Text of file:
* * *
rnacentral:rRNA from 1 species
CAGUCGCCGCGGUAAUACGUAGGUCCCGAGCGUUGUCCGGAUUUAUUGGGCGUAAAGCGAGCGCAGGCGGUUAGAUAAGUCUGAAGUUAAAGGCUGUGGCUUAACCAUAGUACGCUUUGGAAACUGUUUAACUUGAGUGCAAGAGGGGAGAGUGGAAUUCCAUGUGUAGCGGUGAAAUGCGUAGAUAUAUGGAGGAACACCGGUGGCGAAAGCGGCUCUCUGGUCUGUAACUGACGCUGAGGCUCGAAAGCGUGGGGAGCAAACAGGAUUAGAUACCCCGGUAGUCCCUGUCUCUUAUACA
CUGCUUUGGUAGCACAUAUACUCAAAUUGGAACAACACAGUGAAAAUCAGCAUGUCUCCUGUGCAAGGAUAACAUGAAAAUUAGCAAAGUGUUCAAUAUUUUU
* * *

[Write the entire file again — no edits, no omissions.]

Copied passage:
rnacentral:rRNA from 1 species
CAGUCGCCGCGGUAAUACGUAGGUCCCGAGCGUUGUCCGGAUUUAUUGGGCGUAAAGCGAGCGCAGGCGGUUAGAUAAGUCUGAAGUUAAAGGCUGUGGCUUAACCAUAGUACGCUUUGGAAACUGUUUAACUUGAGUGCAAGAGGGGAGAGUGGAAUUCCAUGUGUAGCGGUGAAAUGCGUAGAUAUAUGGAGGAACACCGGUGGCGAAAGCGGCUCUCUGGUCUGUAACUGACGCUGAGGCUCGAAAGCGUGGGGAGCAAACAGGAUUAGAUACCCCGGUAGUCCCUGUCUCUUAUACA
CUGCUUUGGUAGCACAUAUACUCAAAUUGGAACAACACAGUGAAAAUCAGCAUGUCUCCUGUGCAAGGAUAACAUGAAAAUUAGCAAAGUGUUCAAUAUUUUU